10 May 2019 | News
Cell encapsulation for transport of cells and tissues at room temperature
Atelerix, creator of an innovative cell encapsulation technology, recently announces it has closed a second round of funding of £700,000 to accelerate development of its cell transport products to market.
Atelerix’s products are used for the storage and transport of human cells and tissues at room temperature, removing the need for cryopreservation and the potential for cell degradation or damage. Atelerix sells its products and services to customers in the cell therapy sector, as well as those developing cells, organoids and assays for use in drug discovery and development.
Atelerix was a spin-out from Newcastle University (UK) in 2017 and raised £425,000 in 2018 in a seed investment round led by specialist investor, UK Innovation & Science Seed Fund (UKI2S). This funding allowed the company to validate its technology, develop easy-to-use product formats for use with different cells and tissues and launch products onto the market. The follow-on investment announced will be used to grow the team, increase revenues and expand the business, capitalising on the exciting opportunities in the cell therapy sector where delivery of viable cells to the patient remains a significant logistical challenge.
The new investment round was led by existing investors UK Innovation & Science Seed Fund (UKI2S), Oxford Technology Management and Newable Private Investing with new investors also joining the round. Dr Andrew Muir of UKI2S, who joined the board of Atelerix after the previous round, says “As a founding investor, UKI2S is delighted to see Atelerix well-positioned to complete the development of its proprietary platform and launch its products into two large markets. Based on great science, the company’s products have relevance to the large, growing markets of pre-clinical research and cell-based therapy.”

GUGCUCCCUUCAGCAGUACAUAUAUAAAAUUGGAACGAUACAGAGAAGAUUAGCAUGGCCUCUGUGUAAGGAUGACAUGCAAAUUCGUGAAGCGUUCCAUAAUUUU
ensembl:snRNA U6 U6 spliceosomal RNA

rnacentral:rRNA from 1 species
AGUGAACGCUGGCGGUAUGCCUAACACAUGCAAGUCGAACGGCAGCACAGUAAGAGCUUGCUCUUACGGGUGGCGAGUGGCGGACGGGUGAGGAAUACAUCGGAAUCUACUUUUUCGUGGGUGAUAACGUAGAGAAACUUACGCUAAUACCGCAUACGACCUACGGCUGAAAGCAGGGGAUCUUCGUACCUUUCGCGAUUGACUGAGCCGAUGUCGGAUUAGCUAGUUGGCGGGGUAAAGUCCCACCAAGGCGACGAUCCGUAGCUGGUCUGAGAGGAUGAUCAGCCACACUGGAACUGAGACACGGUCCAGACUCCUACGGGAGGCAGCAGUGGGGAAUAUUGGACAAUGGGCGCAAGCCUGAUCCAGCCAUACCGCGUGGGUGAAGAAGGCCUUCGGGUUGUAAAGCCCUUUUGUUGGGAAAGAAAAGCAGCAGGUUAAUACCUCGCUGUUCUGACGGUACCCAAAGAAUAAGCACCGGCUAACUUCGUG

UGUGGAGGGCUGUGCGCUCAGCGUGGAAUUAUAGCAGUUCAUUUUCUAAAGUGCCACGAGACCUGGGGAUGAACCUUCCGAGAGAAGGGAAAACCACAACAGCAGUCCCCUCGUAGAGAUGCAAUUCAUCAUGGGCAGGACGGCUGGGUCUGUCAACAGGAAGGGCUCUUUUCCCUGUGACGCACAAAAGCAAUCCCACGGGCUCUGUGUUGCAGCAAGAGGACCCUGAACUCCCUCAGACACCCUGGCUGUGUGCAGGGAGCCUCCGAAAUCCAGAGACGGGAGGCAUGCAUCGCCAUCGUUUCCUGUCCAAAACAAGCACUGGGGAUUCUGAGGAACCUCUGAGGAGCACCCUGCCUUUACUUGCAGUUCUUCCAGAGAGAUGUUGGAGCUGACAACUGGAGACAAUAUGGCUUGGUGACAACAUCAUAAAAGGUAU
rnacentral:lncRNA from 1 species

Prior to spinning the Company out of Newcastle University, founder Professor Che Connon’s academic research was supported by Biotechnology and Biological Sciences Research Council (BBSRC), a UKI2S partner. Professor Connon commented “Encapsulating cells in the alginate hydrogel is a simple system capable of preserving the viability and functionality of cells at temperatures between 4°C and 21°C for extended periods of time. Used as a method of cell storage and transport, it overcomes the acknowledged problems associated with cryo-shipping. For shipping, cells are encapsulated by the in situ formation of the gel in plates or vials, and can be rapidly released from the gel by the addition of a simple buffer.”